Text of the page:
Is Education the Springboard to Job Fit and Job Satisfaction?

Researchers have often suggested that education is an important part of life satisfaction, in no small part because educated individuals tend to be well-informed and can make good decisions—especially when it comes to choosing a good job. Researchers (Ilies, Yao, Curseu, & Liang, 2018) decided to test whether or not this is true, and what role job satisfaction plays on the path from education to life satisfaction—particularly when financial and health satisfaction have already been accounted for in overall happiness.


The researchers defined job fit as how well employees believe that their skills, abilities, and education match up—or fit—with the job they have. In this study, job fit was measured by questioning whether or not participants felt that their education level, knowledge, and skills suited their work. 

Using a framework that took a bottom-up approach, researchers found that education indeed shared a relationship with job fit. Accordingly, job fit shared a relationship with job satisfaction. Finally, job satisfaction contributes to overall life satisfaction.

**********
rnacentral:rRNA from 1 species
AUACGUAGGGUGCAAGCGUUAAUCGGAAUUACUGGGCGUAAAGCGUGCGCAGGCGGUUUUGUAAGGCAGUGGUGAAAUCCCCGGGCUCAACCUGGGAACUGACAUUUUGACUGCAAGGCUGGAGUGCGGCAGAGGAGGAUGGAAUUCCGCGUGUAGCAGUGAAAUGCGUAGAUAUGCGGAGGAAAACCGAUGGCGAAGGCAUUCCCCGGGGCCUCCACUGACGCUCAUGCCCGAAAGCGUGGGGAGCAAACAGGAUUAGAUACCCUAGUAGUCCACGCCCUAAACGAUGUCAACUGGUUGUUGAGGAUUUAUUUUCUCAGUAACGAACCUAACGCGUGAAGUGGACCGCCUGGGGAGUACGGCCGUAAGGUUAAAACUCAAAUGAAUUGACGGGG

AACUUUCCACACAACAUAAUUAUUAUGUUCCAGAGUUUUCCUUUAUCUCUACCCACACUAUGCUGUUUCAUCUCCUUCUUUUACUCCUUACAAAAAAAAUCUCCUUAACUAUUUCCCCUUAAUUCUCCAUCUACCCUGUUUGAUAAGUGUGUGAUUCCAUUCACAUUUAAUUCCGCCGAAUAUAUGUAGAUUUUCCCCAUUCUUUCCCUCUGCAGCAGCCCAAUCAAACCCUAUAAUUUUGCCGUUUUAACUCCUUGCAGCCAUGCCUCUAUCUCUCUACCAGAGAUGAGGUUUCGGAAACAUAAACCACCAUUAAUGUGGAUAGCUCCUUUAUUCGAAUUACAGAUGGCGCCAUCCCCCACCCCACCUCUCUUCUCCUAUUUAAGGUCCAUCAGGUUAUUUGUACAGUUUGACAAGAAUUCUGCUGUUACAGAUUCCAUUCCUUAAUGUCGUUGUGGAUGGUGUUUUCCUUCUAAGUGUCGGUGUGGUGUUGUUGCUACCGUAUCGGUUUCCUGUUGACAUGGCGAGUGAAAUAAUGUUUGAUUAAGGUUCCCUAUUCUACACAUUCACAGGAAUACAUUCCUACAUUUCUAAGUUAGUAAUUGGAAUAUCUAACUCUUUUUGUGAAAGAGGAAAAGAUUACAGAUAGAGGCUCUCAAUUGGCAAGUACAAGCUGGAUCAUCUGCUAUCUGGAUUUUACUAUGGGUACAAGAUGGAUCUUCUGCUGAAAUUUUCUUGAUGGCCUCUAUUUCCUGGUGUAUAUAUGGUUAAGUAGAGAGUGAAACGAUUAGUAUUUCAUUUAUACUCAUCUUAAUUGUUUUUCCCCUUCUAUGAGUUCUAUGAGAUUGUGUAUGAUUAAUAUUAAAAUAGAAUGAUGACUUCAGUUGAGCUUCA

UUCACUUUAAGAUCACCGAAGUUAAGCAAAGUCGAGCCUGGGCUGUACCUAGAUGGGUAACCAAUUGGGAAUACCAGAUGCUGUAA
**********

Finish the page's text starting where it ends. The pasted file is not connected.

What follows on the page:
Researchers were also able to show that, although work, health, and financial well-being did contribute to life satisfaction, they did so independently from one another. In other words, although there is some overlap, these effects still individually contributed to life satisfaction.   


A surprising finding was that education and financial literacy had some small negative effects on job and life satisfaction. Researchers posit that this is part of the social comparison process; basically, people with more education tend to be less satisfied at their job than someone else might be with the same job and a different level of education. This theory has yet to be tested, however. 


Many studies have shown that education and well-being are related to the prestige and income received at work. This study in particular not only contributes to that existing body of research, but focuses in on the idea that educated workers will gravitate towards jobs that offer them a better fit, thereby increasing job satisfaction. When job satisfaction is increased, life satisfaction usually increases.


Ilies, R., Yao, J., Curseu, P. L., Liang, A. X. (2018). Educated and happy: A four-year study explaining the links between education, job fit, and life satisfaction. Applied Psychology: An International Review, (68)1, 150-176.